FIGURE 5.16 (a) Sandwich-microstructure formed by CdS/Au/Ti02 nanorods, (b) SEM image of a top view from the nanorod array, (c) Photocurrent-applied potential (J-У) curves obtained by different irradiation conditions (full-spectrum, visible light (>430 nm), and ultraviolet (275-375 nm)).
Reproduced with permission (Li ct al., 2014). Copyright 2014, The American Chemical Society.
Toward Ti02 Phase-Control-Based Devices
In addition to the defect structure, doping, and morphology, most of the ТЮ2 applications also depend on the crystallographic phase. Despite the fact that the band gap energy (.Eg) for rutile and anatase phases is similar (Eg ~3.05 and ~3.2 eV at 300 K, respectively), their electrical, optical, and chemical properties are different due to different atomic arrangements and symmetries of the Ti and О atoms within the crystalline lattice. For example, rutile is the most thermally stable Ti02 phase and highly resistant to chemical agents so it is suitable for operation in harsh environments such as in water splitting or photoelectro- chemical applications, while anatase is well known because of the higher photocatalytic activity. However, bulk anatase transforms into the rutile phase at temperatures above ~700 °C, hindering its use in devices that operate at higher temperatures. So, great efforts have been invested to understand and manipulate the anatase to rutile phase transition (ART) temperature as well as developing methods to control precisely the anatase/rutile phase composition. Indeed, mixed anatase/rutile phase demonstrates advantages compared to their individual forms leading to a synergetic effect between the two phases that improves, for example, the photocatalytic activity, the efficiency of DSSCs or the hydrogen production in TiCb-based solar fuels. It is well known that the synthesis method, sample morphology, and dimensions have critical impact on the ART. but doping can also promote/accelerate or inhibit/delay efficiently the ART in a wide range of temperatures (Hanaor, & Sorrell, 2011). Aluminum and iron doping are examples of such effects as shown in Figure 5.17.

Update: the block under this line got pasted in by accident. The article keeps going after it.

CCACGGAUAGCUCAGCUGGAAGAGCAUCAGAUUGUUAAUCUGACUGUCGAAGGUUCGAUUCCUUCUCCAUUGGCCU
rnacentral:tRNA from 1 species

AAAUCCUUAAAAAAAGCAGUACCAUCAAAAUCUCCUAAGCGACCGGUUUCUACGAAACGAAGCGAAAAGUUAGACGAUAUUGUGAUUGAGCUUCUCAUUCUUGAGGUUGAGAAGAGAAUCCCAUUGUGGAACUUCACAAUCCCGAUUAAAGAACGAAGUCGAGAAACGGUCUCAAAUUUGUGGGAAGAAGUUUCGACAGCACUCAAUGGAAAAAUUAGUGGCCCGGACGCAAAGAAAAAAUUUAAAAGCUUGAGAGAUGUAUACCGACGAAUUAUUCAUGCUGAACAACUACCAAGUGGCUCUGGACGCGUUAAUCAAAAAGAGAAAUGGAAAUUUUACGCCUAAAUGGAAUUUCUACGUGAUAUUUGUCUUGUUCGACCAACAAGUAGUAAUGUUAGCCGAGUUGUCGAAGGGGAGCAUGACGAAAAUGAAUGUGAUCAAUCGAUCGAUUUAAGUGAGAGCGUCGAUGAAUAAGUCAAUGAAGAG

Figure 5.17a and b show thermo-XRD patterns of undoped and 10 cat.% Al-doped nanoparticles as the temperature increases, where the asterisk marks the temperature when the rutile phase starts to appear. That temperature increases from 800 °C for undoped material to 920 °C for Al-doped samples. A similar experiment was performed for different concentrations of A1 and Fe, decreasing the temperature down to 600 °C for 20 cat.% Fe-doped nanoparticles as shown in Figure 5.17c (Vasquez et ah, 2014). In addition to thermal annealing, the ART can also be driven by laser irradiation. In this regard, it was observed that Fe doping accelerates the laser-induced ART from several hours (for undoped anatase) to few seconds, contrary to A1 doping that inhibits the phase transformation (Vasquez et ah, 2015). This ability in combination with advanced focused laser sources and precise sample positioning open up new fields for
FIGURE 5.17 Thermo-XRD patterns on (a) undoped and (b) Al-doped Ti02 nanoparticles, (c) Temperature at which the rutile phase starts to appear in XRD as a function of the concentration and A1 and Fe dopants. Scheme of the laser patterning of rutile phase on 20 cat.% Fe-doped anatase. Raman spectra acquired on (e) laser irradiated and (f) unirradiated areas.
Reprinted with permission from Vasquez et al. (2014) and Vasquez et al. (2015). Copyright (2014) and
(2015) American Chemical Society.
device fabrication, processing, and characterization, as shown in the scheme of Figure 5.17d for a laser-printed pattern (micropatterning) on Fe-doped anatase nanoparticles. The characteristic Raman spectra of rutile and anatase phases acquired on irradiated and nonirradiated areas are shown in Figures 5.17e and f, respectively, with the characteristic phonon lines marked by solid squares. This concept has potential applications in device processing since the phase composition could be spatially controlled at room temperature using appropriate laser power and dopant concentration (Benavides, Trudeau, Gerlein, & Cloutier, 2018; Vasquez et al., 2014; Wilkes, Deng, Choi, & Gupta, 2018). These results have also lead to two patents based on anatase to rutile phase transition (Patent ES2525393B2 (W02016038230A1) (Vasquez et al., 2014) and Patent ES2525737B2 (WO2016046426A1)).